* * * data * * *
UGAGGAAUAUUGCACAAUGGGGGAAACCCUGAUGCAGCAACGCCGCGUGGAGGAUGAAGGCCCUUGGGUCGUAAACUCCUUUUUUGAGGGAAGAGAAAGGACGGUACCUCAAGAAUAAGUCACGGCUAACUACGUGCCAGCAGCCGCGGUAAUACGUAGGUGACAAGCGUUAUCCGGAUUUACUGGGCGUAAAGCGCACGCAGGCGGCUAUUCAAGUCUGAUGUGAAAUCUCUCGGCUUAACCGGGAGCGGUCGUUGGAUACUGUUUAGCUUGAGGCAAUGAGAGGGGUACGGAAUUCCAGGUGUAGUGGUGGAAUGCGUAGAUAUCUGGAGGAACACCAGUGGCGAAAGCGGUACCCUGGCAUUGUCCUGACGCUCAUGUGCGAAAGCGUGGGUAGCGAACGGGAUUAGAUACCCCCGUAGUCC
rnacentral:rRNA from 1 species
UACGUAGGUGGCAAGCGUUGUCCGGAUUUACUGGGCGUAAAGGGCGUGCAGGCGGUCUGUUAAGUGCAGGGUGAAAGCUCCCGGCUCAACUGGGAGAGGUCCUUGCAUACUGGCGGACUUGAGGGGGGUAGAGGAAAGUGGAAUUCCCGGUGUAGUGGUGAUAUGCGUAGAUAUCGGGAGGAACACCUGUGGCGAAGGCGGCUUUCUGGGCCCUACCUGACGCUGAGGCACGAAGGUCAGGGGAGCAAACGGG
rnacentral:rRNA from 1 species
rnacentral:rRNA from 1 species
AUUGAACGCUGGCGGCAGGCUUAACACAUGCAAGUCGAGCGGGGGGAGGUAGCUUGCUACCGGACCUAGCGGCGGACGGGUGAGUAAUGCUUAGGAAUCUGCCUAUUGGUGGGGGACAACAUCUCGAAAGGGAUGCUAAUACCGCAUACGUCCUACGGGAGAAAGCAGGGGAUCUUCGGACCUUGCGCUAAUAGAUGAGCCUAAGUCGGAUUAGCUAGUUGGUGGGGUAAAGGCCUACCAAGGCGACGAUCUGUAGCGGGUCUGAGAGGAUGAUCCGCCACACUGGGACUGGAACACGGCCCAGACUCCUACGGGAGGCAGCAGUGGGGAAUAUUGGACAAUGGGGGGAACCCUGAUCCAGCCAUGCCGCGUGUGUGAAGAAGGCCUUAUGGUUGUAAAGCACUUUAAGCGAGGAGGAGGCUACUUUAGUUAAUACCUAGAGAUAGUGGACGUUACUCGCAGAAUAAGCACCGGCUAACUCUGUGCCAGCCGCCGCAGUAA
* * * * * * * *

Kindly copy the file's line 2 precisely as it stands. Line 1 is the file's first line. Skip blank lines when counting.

rnacentral:rRNA from 1 species